The legal and ethical debate over Charlie’s mental health threatens to capsize the action, but writer-director Friedkin (The Exorcist, To Live and Die in L.A., and Sorcerer) keeps the kid in the picture, occasionally jumping us inside Charlie’s warped mind so we can revel in his ritualized bloodlust.

As it so happens, Rampage is based on a true story (surprise, surprise!) set in Stockton, California. Charlie Reece is the face of ordinary, homegrown evil; he doesn’t wear a mask or rise from the grave every 15 minutes. He’s just that weird kid from down the street. Gosh, I never thought he was capable of violence, officer.

The Collector (2009)

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A good franchise is hard to find. When it comes to the contemporary horror film, how does one find the next Freddy or Jason or Leatherface? Is it Jigsaw that keeps ’em coming back or is it the cunning intricacy of his traps? Now that Rob Zombie has rebooted Michael Myers, do we have a deeper empathy for him because we’ve been privy to his bleak-ass childhood? Is Victor Crowley a ghost, a monster, or a waste of space? For that matter, what about The Collector?

Nutshell: Arkin (Josh Stewart) is an ex-con forced to ripoff a hot gem from the homeowner that’s employed him as a general contractor. See, he needs the money ASAP to square his wife’s debt with some gangsters. Not important, but it does reveal that the protagonist is basically a decent guy, despite his shady profession.

Coincidentally, the very house that Arkin is busting into has also been targeted by the title character, a mysterious (deformed?) masked man in black (Juan Fernandez). Instead of jewelry, the Collector prefers building clever booby traps, playing sadistic cat-and-mouse games with his captives, and then making off with a single survivor—presumably for more finely tuned abuse in his lair.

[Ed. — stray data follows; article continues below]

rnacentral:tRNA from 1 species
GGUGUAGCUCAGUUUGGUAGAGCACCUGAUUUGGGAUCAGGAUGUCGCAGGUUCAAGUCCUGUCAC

Director and co-writer Marcus Dunstan does create sufficient interest in his diabolical mastermind, who seems to be both a cool, calculating entomologist and a deranged, howling maniac. He walks with a curious gait, suggesting an injury or disability, but he’s also dexterous and deadly quick. There are quirks and inconsistencies to be found here, and they make me want to know who the Collector is and how he got to be this way.

I plan on watching the sequel (The Collection) soon, so we’ll see if we have a viable franchise on our hands or just a pair of movies with the same quirky killer.

Grizzly (1976)

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One of the dangers of being a middle-aged horror fan, is never being able to quite remember where you heard something about a certain movie. I knew at one time, but now… that bit of data is gone forever, swallowed up by a sinkhole full of quicksand in my head that’s growing larger every day. (I would estimate it to be roughly the size of Rhode Island, at the moment.)

Anyway, I’d like to have a word with whomever advised me that Grizzly was “Jaws with a bear,” and “a classic gore-fest.” Sure, there’s blood and a respectable body count, but nothing that compares with Ben Gardner’s head floating out of a hole in the hull of his boat. Plus, Jaws had Spielberg, Richard Dreyfuss, Roy Schieder, and Robert Shaw. Grizzly has to make do with director William Girdler and a cast of ham-and-eggers.

So there’s this grizzly bear running amok in a Georgia state park and it’s up to a chain-smoking park ranger (Christopher George), a goofy naturalist who dresses in animal furs (Richard Jaeckel), and a cynical ‘Nam vet helicopter pilot (Andrew Prine) to stop the beast. This arduous task takes up the entire running time of the movie, which is stone-cold boring except for periodic bear maulings, and frankly, they’re no great shakes in the blood and guts department.

Despite the fact that I found Grizzly on Hulu Plus under the designation “Classics”, I would hesitate to put it into any special category other than “Ho-Hum & Hokey.” A much better film of this type is John Frankenheimer’s Prophecy, about a pollution-spawned mutant grizzly on the rampage. Go find that one, instead.